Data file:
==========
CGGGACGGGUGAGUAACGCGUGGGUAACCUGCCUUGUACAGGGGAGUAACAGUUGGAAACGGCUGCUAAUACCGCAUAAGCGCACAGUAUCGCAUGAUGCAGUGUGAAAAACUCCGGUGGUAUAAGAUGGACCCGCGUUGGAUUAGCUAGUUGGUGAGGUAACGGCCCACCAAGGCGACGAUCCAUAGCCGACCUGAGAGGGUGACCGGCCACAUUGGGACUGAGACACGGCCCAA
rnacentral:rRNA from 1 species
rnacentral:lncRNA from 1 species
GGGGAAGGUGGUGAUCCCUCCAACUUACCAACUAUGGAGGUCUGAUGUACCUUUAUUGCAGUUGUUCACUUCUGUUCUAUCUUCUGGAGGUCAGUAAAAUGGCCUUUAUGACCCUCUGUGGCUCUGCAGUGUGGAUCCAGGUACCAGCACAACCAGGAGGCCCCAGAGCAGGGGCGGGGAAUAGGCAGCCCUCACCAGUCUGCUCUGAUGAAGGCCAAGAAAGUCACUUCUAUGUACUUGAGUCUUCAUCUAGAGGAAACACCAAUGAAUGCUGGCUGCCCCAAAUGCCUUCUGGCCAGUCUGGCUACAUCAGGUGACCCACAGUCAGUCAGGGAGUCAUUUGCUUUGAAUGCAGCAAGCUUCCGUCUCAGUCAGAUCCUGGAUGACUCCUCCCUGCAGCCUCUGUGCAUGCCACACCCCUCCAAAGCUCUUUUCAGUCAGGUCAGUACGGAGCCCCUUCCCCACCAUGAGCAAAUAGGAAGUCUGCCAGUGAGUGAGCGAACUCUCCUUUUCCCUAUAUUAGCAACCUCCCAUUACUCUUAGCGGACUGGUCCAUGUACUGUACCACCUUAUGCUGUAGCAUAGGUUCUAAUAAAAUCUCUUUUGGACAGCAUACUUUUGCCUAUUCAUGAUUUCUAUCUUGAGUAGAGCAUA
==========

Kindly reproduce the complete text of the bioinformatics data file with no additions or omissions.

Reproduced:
CGGGACGGGUGAGUAACGCGUGGGUAACCUGCCUUGUACAGGGGAGUAACAGUUGGAAACGGCUGCUAAUACCGCAUAAGCGCACAGUAUCGCAUGAUGCAGUGUGAAAAACUCCGGUGGUAUAAGAUGGACCCGCGUUGGAUUAGCUAGUUGGUGAGGUAACGGCCCACCAAGGCGACGAUCCAUAGCCGACCUGAGAGGGUGACCGGCCACAUUGGGACUGAGACACGGCCCAA
rnacentral:rRNA from 1 species
rnacentral:lncRNA from 1 species
GGGGAAGGUGGUGAUCCCUCCAACUUACCAACUAUGGAGGUCUGAUGUACCUUUAUUGCAGUUGUUCACUUCUGUUCUAUCUUCUGGAGGUCAGUAAAAUGGCCUUUAUGACCCUCUGUGGCUCUGCAGUGUGGAUCCAGGUACCAGCACAACCAGGAGGCCCCAGAGCAGGGGCGGGGAAUAGGCAGCCCUCACCAGUCUGCUCUGAUGAAGGCCAAGAAAGUCACUUCUAUGUACUUGAGUCUUCAUCUAGAGGAAACACCAAUGAAUGCUGGCUGCCCCAAAUGCCUUCUGGCCAGUCUGGCUACAUCAGGUGACCCACAGUCAGUCAGGGAGUCAUUUGCUUUGAAUGCAGCAAGCUUCCGUCUCAGUCAGAUCCUGGAUGACUCCUCCCUGCAGCCUCUGUGCAUGCCACACCCCUCCAAAGCUCUUUUCAGUCAGGUCAGUACGGAGCCCCUUCCCCACCAUGAGCAAAUAGGAAGUCUGCCAGUGAGUGAGCGAACUCUCCUUUUCCCUAUAUUAGCAACCUCCCAUUACUCUUAGCGGACUGGUCCAUGUACUGUACCACCUUAUGCUGUAGCAUAGGUUCUAAUAAAAUCUCUUUUGGACAGCAUACUUUUGCCUAUUCAUGAUUUCUAUCUUGAGUAGAGCAUA